Regardless, we will certainly say that the VR experience is quite convincing. You absolutely feel like you’re piloting a powerful machine, something that only VR can do to make for a compelling experience!


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On the surface, RIGS Mechanized Combat League plays to the strength of traditional mech games, but differentiates, as well as enhances, the gameplay with a unique arena sports twist. Anyone who buys sports games might quickly find its gameplay a bit too repetitive over time, however, it’s one that has a lot of enjoyment at every corner because of how unpredictable the outcome can be with each match. And that, folks, is the beauty about sports games in general – like how you feel that rush of adrenaline as you make the winning score right at the buzzer.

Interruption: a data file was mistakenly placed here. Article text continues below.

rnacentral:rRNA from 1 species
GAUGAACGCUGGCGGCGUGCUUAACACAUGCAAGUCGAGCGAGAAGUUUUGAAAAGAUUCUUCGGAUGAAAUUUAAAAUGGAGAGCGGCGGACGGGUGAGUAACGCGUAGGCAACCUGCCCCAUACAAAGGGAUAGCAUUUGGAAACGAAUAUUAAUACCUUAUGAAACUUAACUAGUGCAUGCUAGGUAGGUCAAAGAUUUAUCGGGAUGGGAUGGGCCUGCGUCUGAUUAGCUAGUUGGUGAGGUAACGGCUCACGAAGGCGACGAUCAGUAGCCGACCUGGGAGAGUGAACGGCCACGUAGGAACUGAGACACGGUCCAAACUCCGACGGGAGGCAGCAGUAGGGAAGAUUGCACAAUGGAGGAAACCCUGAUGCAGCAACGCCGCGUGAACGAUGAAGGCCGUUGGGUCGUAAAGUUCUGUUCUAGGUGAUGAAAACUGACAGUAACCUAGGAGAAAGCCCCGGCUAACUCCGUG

For virtual reality, RIGS has no shortages when it comes to making you feel like you’re piloting a mech. Add in the power ups, ability to upgrade rigs, and strategy when it comes to the different match modes, there’s no doubt some depth to the game, despite the fact that motions sickness prone individuals will be jarred by its loaded action. While playing against computer opponents can only go so far before it becomes boring, the online play portion can spice things up a bit – just as long as you can tolerate some of the lengthy load times and down time in between matches.

This isn’t the kind of game for everyone, especially when it’s slapped with a $50 cost, which is one of the more costly titles out of the gates for the PS VR. However, it’s fun and action packed at every moment. That, with the introduction of virtual reality, helps to make RIGS a worthy mechs game.